In the last handful of episodes, NASH BRIDGES has been a throwback to the older values of the police genre of the 1970s and 80s, a kind of Retro Cop. That post-Vietnam distrust of the system is making a comeback, a comeback that series such as THE X-FILES has exploited and built to new levels of paranoia. In "Revelations," (Episode 39) Nash found out his MIA brother had turned criminal; in "Most Wanted," (Episode 40) an irate Nash beats up a prisoner; and in "Bombshell" (Episode 41) a woman Nash once loved is on a tear through the City. Nash is increasingly put on the outside - outside of the Law, outside of the System. Nash distrusts everything from the courts to women - he's been betrayed by all except his loyal crew of SIU soldiers.
Things slip through the cracks that the police bureaucracy cannot handle or even acknowledge. "Found Money" continues in this vein, providing even further evidence of the inadequacies and corruption of the system. The re-organization of the police chain of command under one Director of Police Investigations (despairingly referred to as DOPI) is headed up by the buffoon Rick Bettina. Bettina is a recurring character from Season One. Bettina was initially a rival of Nash in the SIU, then later fired, re-surfacing as a skip tracer. His latest appearance is the result of nepotism at its worst, with his appointment being the result of Bettina's mother being recently married to the Chief of Police.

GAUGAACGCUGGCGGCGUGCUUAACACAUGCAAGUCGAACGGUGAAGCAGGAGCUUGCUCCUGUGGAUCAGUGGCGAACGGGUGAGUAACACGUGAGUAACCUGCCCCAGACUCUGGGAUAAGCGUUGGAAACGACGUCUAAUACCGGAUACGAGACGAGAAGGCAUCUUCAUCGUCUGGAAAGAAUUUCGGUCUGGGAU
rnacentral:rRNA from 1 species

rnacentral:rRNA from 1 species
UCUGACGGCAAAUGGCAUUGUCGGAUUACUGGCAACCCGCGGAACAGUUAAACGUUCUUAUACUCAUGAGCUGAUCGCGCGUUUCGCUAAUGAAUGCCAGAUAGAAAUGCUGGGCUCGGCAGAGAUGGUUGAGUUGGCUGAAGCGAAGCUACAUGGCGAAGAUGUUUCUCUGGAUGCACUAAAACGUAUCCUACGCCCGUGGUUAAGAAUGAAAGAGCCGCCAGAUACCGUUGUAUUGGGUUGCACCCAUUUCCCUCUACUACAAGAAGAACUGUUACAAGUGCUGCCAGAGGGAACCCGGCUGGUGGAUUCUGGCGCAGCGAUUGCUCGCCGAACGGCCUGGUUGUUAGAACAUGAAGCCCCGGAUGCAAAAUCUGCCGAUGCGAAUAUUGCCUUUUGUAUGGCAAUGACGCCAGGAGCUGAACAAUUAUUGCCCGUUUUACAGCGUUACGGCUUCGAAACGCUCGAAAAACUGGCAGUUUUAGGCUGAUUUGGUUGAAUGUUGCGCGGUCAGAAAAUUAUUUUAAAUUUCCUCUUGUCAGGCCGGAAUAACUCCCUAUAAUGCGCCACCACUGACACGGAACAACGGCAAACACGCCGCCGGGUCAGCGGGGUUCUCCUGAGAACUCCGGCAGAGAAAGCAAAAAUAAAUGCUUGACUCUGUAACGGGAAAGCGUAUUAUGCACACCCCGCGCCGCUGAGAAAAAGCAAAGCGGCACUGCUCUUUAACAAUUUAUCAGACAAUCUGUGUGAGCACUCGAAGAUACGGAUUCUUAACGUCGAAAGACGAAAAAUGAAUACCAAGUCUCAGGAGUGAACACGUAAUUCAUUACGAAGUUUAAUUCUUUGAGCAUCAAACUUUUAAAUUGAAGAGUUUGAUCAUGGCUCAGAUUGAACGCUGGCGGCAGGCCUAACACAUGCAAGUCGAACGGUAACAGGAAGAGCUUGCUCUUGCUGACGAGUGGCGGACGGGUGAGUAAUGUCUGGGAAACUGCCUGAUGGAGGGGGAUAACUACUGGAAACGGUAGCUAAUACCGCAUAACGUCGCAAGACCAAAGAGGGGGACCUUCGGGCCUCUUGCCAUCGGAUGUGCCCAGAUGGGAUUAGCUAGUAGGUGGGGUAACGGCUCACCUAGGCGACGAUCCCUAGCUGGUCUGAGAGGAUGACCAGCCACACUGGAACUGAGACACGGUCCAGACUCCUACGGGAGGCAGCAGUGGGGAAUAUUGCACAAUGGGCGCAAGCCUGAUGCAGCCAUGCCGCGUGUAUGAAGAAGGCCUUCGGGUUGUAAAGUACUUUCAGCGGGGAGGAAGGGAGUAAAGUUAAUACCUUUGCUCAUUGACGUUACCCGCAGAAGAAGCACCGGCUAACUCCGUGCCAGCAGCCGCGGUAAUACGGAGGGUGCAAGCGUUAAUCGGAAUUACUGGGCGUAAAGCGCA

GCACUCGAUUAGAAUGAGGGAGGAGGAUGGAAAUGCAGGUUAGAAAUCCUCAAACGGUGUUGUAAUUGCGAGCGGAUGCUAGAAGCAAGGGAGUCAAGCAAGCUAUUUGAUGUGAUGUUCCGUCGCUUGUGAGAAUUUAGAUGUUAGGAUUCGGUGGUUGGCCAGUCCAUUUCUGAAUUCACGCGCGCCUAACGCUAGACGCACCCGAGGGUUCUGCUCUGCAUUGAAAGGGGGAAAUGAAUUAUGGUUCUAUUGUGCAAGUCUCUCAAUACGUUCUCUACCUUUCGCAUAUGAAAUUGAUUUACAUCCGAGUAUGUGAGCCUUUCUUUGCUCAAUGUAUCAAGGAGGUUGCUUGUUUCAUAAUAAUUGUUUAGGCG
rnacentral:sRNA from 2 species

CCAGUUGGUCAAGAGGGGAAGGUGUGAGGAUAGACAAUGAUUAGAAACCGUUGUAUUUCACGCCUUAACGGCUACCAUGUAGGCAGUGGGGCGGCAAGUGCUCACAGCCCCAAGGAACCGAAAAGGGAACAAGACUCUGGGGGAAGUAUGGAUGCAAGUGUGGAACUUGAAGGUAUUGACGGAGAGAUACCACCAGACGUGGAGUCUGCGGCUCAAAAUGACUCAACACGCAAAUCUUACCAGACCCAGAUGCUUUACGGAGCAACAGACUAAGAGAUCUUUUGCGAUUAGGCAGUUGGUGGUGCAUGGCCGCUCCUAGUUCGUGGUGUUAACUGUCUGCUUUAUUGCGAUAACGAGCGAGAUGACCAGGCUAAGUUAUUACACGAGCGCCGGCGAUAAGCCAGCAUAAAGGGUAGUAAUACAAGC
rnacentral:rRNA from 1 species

In a way, Nash and the SIU alienation from the police bureaucracy is part of the baggage that came with the Don Johnson cop persona developed from MIAMI VICE. The deep cover police officer Sonny Crockett operated in a world steeped in paranoia. But lately, NASH BRIDGES has been drawing more specifically from the world of DIRTY HARRY (it being San Francisco and all). The Season Three opening episode ("Lost and Found," Episode 34) gave an indication that things were going Dirty Harry. There was a chase seen in which Nash and Joe get in front of a speeding car to stop it. Joe gets out of the way - Nash doesn't. The car comes to a screeching halt inches away from Nash's legs. In a showdown between man and car, fearless Nash, with gun drawn, stops the car a la DIRTY HARRY in that famous bank robbery scene in which Clint Eastwood foils. The local of San Francisco just seems to bring out that kind of bravados and swagger.
For more, see synopsis for Episode 42